While the internal debate among Democrats ensued, CNN confirmed an intense phone call between Trump and then House Majority Leader McCarthy on Jan. 6, during the attack on the Capitol, that included a new quote. “Well, Kevin, I guess these people are more upset about the election than you are,” Trump had purportedly told McCarthy, who had identified the mob as Trump supporters and begged the former president to call them off.

The quote had been relayed by Rep. Jaime Herrera Beutler (R-WA), who confirmed her account by issuing a direct statement later Friday night. She explained that McCarthy had notified Trump of the events and the immediate danger to Congress and Mike Pence during this phone call. Beutler concluded her written release by urging those who had firsthand knowledge of Trump’s actions that day to speak up. “To the patriots who were standing next to the former president as these conversations were happening, or even to the former vice president: If you have something to add here, now would be the time,” she said.

This clearly made an impact on influential swing voters within the GOP, as well as other conservatives who were concerned about public appearances over what might be perceived as a lack of inaction. By Saturday morning, Democrats had basically decided not to press the issue of calling for witnesses too hard — but, it was moderate Republicans, who pushed the vote over the top.

Both sides retreated for off-camera negotiations, and returned after several hours with a somewhat lack-luster agreement to read Herrera Beutler’s statement into the record and move the process along. The sudden shift in momentum for Democrats that had seemingly brought the trial back to life, was now over, leaving many to wonder what had really happened to cause the initial shift and what had been done — most likely by Mitch McConnell — to stop it.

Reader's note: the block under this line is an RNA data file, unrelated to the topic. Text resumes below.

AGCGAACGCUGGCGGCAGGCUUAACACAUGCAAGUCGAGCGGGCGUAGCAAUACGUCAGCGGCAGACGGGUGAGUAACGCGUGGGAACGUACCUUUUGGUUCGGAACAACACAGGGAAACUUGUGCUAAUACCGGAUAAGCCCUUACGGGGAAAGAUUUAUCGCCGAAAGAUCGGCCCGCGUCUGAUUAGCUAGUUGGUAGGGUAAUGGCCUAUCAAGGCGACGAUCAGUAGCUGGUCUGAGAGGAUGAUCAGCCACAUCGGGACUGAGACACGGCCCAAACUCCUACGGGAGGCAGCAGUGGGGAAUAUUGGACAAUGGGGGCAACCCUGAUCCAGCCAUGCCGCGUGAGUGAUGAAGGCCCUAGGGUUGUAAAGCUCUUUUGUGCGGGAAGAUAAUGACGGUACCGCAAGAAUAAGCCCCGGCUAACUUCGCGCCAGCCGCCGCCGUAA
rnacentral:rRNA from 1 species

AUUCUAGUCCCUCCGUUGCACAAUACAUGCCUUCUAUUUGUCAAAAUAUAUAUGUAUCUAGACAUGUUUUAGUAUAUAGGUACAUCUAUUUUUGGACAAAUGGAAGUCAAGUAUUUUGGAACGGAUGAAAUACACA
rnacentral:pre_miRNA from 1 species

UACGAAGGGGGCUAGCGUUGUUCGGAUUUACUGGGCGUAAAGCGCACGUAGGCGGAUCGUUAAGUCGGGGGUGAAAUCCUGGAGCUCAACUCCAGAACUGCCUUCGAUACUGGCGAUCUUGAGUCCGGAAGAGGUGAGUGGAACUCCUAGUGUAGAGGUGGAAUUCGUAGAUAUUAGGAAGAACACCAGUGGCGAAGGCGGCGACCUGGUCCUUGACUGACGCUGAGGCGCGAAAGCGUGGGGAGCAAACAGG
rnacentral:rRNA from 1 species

One obvious reason Democrats may have backed down on witnesses was the looming threat of Republicans retaliating by grinding the entire US Senate to a halt, and intentionally holding up Biden’s coronavirus relief package and his remaining cabinet nominations. Republican Senator Joni Ernst pretty much confirmed that this threat had either been made or was understood by telling a reporter: “If they want to drag this out, we’ll drag it out. They won’t get their noms, they won’t get anything.”

The debate among House Democrats was again reignited and a lengthy deliberation began. The likelihood of the trial extending several days, if not weeks, so that both sides could depose witnesses, was also an obstacle that would come with a cost. A substantial increase in trial time could mean that newly supportive Republicans might be alienated. Those in the GOP who were furious might attempt to delay confirmation on Biden’s nominations or worse, delay critical covid relief aid — Earnst’s statement appeared to be a threat of sorts to remind Democrats of what was at stake.

The Post reported that, “key members of the Democratic team — particularly Raskin and House Counsel Barry Berke — saw the witness vote as a final opportunity to hold Trump accountable and get new voices on the record.” It was at this time that Raskin and Berke got in contact with someone from Pence’s team that told them not to expect any public support from the former Vice President.